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Davis is a world unto itself, and being here is like being in a microcosm of the world, with a bit less diversity. Students and student groups are cosntantly hosting workshops, teach ins, teach outs, campaigns, lectures, mobilizations, etc. Our students are highly motivated and determined to be heard. Whether it's Students for Justice in Palestine holding a Die In on campus, or MEChA working to organize the annual May 1st International Workers Solidarity Day events, to lectures on what it's like to be a Jew in America today, to addressing the growing self-identifying Mixed ethnicity group, our students are on it. Plus, with the loci of power for the state of California situated 30 minutes away from us, our students always have a chance to address concerns to our state leadership, as well as participate in statewide mobilization efforts.
UCD is the ultimate school for a passionate student. The student run aggie pack is top ranked in the nation for providing school spirit. The school has a spirit of their own as well. It's a laid back town with huge ambitions. Student play Frisbee and party on the weekends but hit the books on the weekdays. The fun never stops on Greek row and spring quarter provides the perfect party months. Classes are intense though. UCD is all about the students, from the town to the classes, Davis is the epitome of what everyones college experience should be like. You come out of here with friends, and great memories, and with a degree that means something.
It's really hard to really give someone who has never been to Davis an idea of what it is like. The campus itself is pretty big, but Davis is also the bike capital of the US, so getting around the town or the city is never an issue. Since I live on campus, I spend most of my time on campus, and I get the feeling that most students do, regardless of where they live. When I don't have a lot of homework or studying, I usually bike over to the Coffee House, right next to the quad to get something to eat and hang out with my friends. The only complaint I really can think of is that the weather here changes all the time. We don't get snow, but we get lots of rain, wind, or heat, depending on if its winter, fall, or summer. But most of the time the weather isn't an issue. One thing I didn't expect when coming to Davis was that there is such a big social community. Not everyone chooses to party in college, but at Davis I think a pretty big percentage of students go out on the weekends. There's at least one big party going on almost every weekend, most of which occur at fraternity houses. I think around 10% of the students on campus join a fraternity or sorority which is a life changing experience.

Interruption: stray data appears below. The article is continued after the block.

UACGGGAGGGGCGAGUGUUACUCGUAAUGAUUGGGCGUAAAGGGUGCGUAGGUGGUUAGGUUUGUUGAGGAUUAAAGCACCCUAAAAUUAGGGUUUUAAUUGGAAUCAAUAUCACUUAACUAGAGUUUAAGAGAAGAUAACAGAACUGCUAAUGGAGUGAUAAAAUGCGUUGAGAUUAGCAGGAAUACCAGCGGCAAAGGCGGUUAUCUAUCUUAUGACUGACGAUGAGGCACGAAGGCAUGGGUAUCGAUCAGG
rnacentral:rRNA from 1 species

The best thing about Davis is the size. It's not too big, not too small. There isn't a feeling of crowding and because of that you feel a bit more important to the school, not just another nameless face. One thing I'd change would be the cost of tuition. I remember when my brother went to school here, he paid a lot less than I had do, and it's only a 4 year difference. When I tell people I go to Davis, most people don't even know what I'm talking about or where it is. Some people who have heard of it, know it's a great school. Davis is most definitely a college town. From the bars, to the cafe's with internet access, the small town feel, and the majority of the residents being students;it's a college town. The UCD administration seems like it's trying it's best to offer the students the best education and the best opportunities here at UCD. However, it does not seem that enough is being done to ensure that money isn't spent in areas that could probably wait to be funded. The biggest recent controversy would be the bomb materials found in one of the dorms. UCD seems to have have a moderate amount of school pride, I think the Cal Aggie Band has the most though. Once experience here I'll always remember is my amazingly horrible bike accident on my first day.